Peck, Robert E. M.D.
ROBERT  E. PECK,  M.  D.

     Dr. Robert E. Peck, who is at the head of the Elm City Private Hospital of New Haven and also is conducting a private hospital at Woodmont, Connecticut, for the treat-ment of nervous and mental diseases, in which he has long specialized and in which he is regarded as an authority throughout Connecticut, was born November 8, 1866, in New Haven, his parents being Leonard E. and Jeannette W. (Clark) Peck, who were also natives of this state and representatives of early New England families. In later life the father became a government employe in connection with the postal service. At, the time of the Civil war he enlisted from Connecticut with the Seventh Regiment of Townsend Rifles and became sergeant. He served throughout the entire period of civil strife and was wounded at the battle of Olustee, Florida. At the close of hostilities he was honorably discharged and returned to his home in New Haven, devoting many years thereafter to his duties in the government service. He passed away in 1903 at the age of sixty-eight years, while his wife, surviving for a decade, died in New Haven in 1913 at the age of seventy-two. They had a family of three children, of whom one died in infancy. The surviving daughter is Mrs. Mary L. Hall, of New Haven.
     Robert E. Peck, the youngest of the three children, attended the public schools of New Haven and later entered the Stowe Military Academy to prepare for the Sheffield Scientific School, from which in due course of time he was graduated, completing the course there in 1890. He afterward became a medical student at Yale and won his professional degree in 1893. While in the medical college he became assistant to Professor Smith in chemistry. Following his graduation he took up the private practice of medicine and while thus engaged he devoted much time and study to nervous and mental diseases, becoming a recognized authority on those subjects. He has built up a large practice in the line of his specialty and his work has been attended by notable results.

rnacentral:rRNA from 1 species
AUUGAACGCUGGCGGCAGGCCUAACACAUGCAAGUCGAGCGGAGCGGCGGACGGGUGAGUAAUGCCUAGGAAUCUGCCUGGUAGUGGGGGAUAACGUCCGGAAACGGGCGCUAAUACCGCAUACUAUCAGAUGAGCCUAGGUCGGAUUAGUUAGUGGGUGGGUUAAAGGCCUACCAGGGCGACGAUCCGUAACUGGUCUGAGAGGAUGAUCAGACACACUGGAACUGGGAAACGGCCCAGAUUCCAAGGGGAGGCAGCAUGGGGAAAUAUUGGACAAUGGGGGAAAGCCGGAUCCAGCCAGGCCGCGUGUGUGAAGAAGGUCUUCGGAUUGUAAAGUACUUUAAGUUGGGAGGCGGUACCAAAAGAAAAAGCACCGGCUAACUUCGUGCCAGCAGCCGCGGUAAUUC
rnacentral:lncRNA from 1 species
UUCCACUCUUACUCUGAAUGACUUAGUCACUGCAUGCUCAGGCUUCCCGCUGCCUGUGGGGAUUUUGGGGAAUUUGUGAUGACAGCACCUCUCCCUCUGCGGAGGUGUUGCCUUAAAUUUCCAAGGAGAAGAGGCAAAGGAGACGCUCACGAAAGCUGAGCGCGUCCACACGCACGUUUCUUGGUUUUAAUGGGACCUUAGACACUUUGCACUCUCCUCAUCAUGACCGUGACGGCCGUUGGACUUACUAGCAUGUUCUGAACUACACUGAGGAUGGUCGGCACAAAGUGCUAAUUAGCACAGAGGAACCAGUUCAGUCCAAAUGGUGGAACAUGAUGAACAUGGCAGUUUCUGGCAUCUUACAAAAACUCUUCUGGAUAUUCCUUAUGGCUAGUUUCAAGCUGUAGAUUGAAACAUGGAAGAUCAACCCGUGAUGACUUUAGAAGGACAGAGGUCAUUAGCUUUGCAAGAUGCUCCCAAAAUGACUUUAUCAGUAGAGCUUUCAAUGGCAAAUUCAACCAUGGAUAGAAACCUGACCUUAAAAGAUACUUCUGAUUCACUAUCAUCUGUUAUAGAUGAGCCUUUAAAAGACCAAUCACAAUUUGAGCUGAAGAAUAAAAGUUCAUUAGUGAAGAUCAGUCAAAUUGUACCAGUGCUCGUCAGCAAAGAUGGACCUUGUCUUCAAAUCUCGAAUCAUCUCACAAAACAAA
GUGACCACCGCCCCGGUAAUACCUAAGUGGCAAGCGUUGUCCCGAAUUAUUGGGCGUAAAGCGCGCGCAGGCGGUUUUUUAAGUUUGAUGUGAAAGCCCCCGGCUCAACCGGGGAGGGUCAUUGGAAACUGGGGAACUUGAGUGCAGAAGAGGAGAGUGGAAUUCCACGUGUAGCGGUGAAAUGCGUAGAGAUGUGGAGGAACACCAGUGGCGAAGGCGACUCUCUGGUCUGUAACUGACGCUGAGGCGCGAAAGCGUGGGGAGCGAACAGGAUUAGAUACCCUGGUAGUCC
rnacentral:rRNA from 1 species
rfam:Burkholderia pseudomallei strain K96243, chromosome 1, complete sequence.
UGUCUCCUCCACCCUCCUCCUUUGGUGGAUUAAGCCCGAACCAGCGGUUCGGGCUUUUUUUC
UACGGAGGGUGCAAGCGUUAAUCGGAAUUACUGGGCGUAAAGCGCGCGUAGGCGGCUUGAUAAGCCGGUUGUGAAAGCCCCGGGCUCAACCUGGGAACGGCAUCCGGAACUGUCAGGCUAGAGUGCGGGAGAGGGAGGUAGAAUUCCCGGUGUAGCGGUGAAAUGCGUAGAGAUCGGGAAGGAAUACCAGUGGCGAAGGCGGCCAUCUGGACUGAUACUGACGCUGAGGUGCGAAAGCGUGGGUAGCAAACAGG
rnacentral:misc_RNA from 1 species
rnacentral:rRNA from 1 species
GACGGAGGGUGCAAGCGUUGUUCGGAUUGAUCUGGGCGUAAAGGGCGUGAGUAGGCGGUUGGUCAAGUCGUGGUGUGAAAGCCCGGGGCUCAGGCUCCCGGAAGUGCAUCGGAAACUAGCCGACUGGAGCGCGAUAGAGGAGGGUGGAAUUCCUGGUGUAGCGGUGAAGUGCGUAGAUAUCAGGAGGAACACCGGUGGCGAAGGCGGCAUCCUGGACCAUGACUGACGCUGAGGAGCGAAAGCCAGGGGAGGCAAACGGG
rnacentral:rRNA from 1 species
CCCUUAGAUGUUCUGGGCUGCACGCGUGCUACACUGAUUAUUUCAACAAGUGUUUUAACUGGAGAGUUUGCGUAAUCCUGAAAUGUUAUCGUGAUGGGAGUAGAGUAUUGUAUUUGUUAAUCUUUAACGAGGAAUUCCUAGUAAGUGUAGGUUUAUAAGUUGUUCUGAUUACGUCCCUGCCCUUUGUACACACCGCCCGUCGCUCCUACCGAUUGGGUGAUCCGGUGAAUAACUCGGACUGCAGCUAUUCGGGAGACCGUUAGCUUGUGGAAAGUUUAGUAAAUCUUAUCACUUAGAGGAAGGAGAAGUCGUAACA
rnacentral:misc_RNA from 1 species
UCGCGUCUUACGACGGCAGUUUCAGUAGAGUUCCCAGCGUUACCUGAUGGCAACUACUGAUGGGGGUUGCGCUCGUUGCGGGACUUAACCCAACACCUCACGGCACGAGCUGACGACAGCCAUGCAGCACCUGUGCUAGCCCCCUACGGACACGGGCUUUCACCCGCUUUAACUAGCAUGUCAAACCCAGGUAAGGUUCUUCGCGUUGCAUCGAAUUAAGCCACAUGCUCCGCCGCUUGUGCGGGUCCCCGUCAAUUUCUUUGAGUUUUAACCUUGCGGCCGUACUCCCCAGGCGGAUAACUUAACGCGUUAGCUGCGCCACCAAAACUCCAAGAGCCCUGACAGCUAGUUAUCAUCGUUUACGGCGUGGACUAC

In March, 1913, he became connected with the Elm City Hospital, of which he was made the head. This institution is one of the best equipped for all lines of general prac-tice in the New England states. Tt is a large, commodious building, well lighted and ventilated, and has many private rooms as well as a dormitory for nurses. The institution is supplied with every facility for the accommodation of patients who require medical surgical attendance. Dr. Peck also conducts a private sanitarium for nervous and mental diseases at Woodmont. His study along that line has resulted in remarkable achievements and his treatment represents the most advanced scientific investigation and research in this field. Dr. Peck is a member of the Connecticut State Medical Society and the American Medical Association.
     In December, 1898, Dr. Peck was married in New Haven to Miss Eva L. Seward, a daughter of Mr. and Mrs. Frank Seward. Dr. and Mrs. Peck hold membership in the Dwight Place church. He is identified with the Graduates' Club. He is appreciative of the social amenities of life and enjoys association with his friends, but concentrates his efforts and attention mostly upon his professional duties, which are ever discharged with a sense of conscientious obligation. Colleagues and contemporaries speak of him in high terms, while his work is the proof of his pronounced ability in his chosen field.
 
 

Modern History of New Haven
and 
Eastern New Haven County

Illustrated

Volume II

New York Chicago
The S. J. Clarke Publishing Company 
1918

pgs 615 - 616

 
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COUNTY BIOGRAPHIES
pages / text are copyrighted by
Elaine Kidd O'Leary & 
Anne Taylor-Czaplewski
May 2002